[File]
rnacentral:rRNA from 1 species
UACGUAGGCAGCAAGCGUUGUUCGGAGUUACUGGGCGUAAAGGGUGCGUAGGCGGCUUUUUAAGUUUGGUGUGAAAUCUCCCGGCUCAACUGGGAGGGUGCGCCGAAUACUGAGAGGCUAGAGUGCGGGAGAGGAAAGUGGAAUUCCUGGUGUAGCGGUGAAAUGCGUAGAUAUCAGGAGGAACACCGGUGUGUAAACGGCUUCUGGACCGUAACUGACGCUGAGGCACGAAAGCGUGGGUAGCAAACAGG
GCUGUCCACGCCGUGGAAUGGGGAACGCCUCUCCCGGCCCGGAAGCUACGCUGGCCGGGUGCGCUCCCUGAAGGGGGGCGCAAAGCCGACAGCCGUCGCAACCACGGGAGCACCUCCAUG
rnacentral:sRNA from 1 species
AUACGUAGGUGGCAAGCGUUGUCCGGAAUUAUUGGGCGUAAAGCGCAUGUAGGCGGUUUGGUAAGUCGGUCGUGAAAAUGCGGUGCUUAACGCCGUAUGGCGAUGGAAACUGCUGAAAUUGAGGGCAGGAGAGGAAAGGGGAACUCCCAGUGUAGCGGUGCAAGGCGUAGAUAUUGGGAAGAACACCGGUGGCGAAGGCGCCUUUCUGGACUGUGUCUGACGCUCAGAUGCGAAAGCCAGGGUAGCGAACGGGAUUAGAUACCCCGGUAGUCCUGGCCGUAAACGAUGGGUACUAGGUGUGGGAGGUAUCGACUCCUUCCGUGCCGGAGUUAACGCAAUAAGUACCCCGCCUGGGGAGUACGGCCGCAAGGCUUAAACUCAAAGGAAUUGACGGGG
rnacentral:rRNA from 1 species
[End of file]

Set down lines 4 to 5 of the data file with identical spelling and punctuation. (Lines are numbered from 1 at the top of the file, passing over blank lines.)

rnacentral:sRNA from 1 species
AUACGUAGGUGGCAAGCGUUGUCCGGAAUUAUUGGGCGUAAAGCGCAUGUAGGCGGUUUGGUAAGUCGGUCGUGAAAAUGCGGUGCUUAACGCCGUAUGGCGAUGGAAACUGCUGAAAUUGAGGGCAGGAGAGGAAAGGGGAACUCCCAGUGUAGCGGUGCAAGGCGUAGAUAUUGGGAAGAACACCGGUGGCGAAGGCGCCUUUCUGGACUGUGUCUGACGCUCAGAUGCGAAAGCCAGGGUAGCGAACGGGAUUAGAUACCCCGGUAGUCCUGGCCGUAAACGAUGGGUACUAGGUGUGGGAGGUAUCGACUCCUUCCGUGCCGGAGUUAACGCAAUAAGUACCCCGCCUGGGGAGUACGGCCGCAAGGCUUAAACUCAAAGGAAUUGACGGGG